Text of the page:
Dalit Theology and Dalit Liberation: Problems, Paradigms and Possibilities


by
Peniel Rajkumar

Book Details

Format: EPUB

Page count: 218 pages

File size: 1.9 MB

Protection: DRM

Language: English

In fulfilling the long-awaited need for a constructive and critical rethinking of Dalit theology this book offers and explores the synoptic healing stories as a relevant biblical paradigm for Dalit theology in order to help redress the lacuna between Dalit theology and the social practice of the Indian Church. Peniel Rajkumar’s starting point is that the growing influence of Dalit theology in academic circles is incompatible with the praxis of the Indian Church which continues to be passive in its attitude towards the oppression of the Dalits both within and outside the Church. The theological reasons for this lacuna between Dalit theology and the Church’s praxis, Rajkumar suggests, lie in the content of Dalit theology, especially the biblical paradigms explored, which do not offer adequate scope for engagement in praxis.

In fulfilling the long-awaited need for a constructive and critical rethinking of Dalit theology this book offers and explores the synoptic healing stories as a relevant biblical paradigm for Dalit theology in order to help redress the lacuna between Dalit theology and the social practice of the Indian Church. Peniel Rajkumar’s starting point is that the growing influence of Dalit theology in academic circles is incompatible with the praxis of the Indian Church which… (more)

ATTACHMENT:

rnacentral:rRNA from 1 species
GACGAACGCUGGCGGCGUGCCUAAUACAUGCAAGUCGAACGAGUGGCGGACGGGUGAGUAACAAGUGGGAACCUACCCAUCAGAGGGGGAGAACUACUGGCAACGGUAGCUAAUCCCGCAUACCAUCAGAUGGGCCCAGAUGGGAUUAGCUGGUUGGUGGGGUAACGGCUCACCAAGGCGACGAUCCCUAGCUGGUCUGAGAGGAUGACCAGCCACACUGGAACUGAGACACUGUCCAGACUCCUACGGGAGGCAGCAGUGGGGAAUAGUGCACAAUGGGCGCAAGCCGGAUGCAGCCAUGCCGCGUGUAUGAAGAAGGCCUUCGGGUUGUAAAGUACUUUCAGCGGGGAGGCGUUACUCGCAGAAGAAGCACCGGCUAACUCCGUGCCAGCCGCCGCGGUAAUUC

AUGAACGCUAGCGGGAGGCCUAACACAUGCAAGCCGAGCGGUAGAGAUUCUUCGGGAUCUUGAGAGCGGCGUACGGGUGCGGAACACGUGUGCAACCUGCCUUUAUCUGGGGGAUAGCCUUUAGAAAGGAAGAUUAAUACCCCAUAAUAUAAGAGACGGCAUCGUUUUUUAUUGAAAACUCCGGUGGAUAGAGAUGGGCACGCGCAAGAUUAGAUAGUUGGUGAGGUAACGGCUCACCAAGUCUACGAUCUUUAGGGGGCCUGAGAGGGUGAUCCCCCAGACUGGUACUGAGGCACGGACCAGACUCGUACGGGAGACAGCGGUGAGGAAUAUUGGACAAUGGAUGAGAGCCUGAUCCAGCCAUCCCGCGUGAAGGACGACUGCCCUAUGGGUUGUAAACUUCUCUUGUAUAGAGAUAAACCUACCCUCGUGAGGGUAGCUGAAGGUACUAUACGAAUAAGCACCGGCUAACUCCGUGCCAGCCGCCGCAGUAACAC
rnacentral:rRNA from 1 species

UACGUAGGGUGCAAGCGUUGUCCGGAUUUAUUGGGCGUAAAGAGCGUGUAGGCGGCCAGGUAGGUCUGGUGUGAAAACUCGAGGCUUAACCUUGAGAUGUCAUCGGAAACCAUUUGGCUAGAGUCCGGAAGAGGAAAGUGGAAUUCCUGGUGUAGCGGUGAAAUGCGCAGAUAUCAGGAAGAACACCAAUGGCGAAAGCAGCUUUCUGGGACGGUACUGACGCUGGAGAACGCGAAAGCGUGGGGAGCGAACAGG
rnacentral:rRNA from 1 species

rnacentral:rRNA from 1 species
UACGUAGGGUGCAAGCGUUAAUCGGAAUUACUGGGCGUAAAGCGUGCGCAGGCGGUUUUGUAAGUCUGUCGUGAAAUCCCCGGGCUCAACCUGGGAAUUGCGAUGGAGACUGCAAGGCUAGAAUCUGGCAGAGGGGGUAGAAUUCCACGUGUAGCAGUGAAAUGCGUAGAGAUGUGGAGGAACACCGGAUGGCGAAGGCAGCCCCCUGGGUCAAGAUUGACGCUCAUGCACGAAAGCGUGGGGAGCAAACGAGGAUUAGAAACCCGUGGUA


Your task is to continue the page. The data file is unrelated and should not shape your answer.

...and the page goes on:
In fulfilling the long-awaited need for a constructive and critical rethinking of Dalit theology this book offers and explores the synoptic healing stories as a relevant biblical paradigm for Dalit theology in order to help redress the lacuna between Dalit theology and the social practice of the Indian Church. Peniel Rajkumar’s starting point is that the growing influence of Dalit theology in academic circles is incompatible with the praxis of the Indian Church which continues to be passive in its attitude towards the oppression of the Dalits both within and outside the Church. The theological reasons for this lacuna between Dalit theology and the Church’s praxis, Rajkumar suggests, lie in the content of Dalit theology, especially the biblical paradigms explored, which do not offer adequate scope for engagement in praxis.

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